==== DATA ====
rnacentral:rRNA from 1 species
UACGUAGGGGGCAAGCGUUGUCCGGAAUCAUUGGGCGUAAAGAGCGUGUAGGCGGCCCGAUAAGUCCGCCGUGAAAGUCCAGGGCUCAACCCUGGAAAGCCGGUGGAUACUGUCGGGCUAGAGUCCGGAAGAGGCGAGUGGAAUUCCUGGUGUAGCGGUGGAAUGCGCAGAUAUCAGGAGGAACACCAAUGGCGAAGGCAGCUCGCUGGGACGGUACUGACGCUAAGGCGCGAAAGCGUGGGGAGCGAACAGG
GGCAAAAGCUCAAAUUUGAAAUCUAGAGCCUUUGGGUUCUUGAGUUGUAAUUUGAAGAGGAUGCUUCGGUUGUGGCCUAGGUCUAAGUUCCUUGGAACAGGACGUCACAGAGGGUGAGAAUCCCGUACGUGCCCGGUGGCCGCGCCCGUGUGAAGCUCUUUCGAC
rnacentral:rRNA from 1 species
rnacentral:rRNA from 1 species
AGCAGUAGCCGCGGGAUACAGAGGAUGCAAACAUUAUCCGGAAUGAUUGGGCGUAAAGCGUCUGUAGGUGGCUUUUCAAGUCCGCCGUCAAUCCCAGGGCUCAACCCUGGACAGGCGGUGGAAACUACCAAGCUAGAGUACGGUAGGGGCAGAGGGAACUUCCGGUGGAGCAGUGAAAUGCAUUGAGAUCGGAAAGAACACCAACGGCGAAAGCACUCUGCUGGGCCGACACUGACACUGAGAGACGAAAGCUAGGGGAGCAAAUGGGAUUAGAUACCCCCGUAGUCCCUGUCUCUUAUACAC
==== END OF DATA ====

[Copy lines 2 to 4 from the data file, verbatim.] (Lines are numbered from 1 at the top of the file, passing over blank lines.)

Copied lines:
UACGUAGGGGGCAAGCGUUGUCCGGAAUCAUUGGGCGUAAAGAGCGUGUAGGCGGCCCGAUAAGUCCGCCGUGAAAGUCCAGGGCUCAACCCUGGAAAGCCGGUGGAUACUGUCGGGCUAGAGUCCGGAAGAGGCGAGUGGAAUUCCUGGUGUAGCGGUGGAAUGCGCAGAUAUCAGGAGGAACACCAAUGGCGAAGGCAGCUCGCUGGGACGGUACUGACGCUAAGGCGCGAAAGCGUGGGGAGCGAACAGG
GGCAAAAGCUCAAAUUUGAAAUCUAGAGCCUUUGGGUUCUUGAGUUGUAAUUUGAAGAGGAUGCUUCGGUUGUGGCCUAGGUCUAAGUUCCUUGGAACAGGACGUCACAGAGGGUGAGAAUCCCGUACGUGCCCGGUGGCCGCGCCCGUGUGAAGCUCUUUCGAC
rnacentral:rRNA from 1 species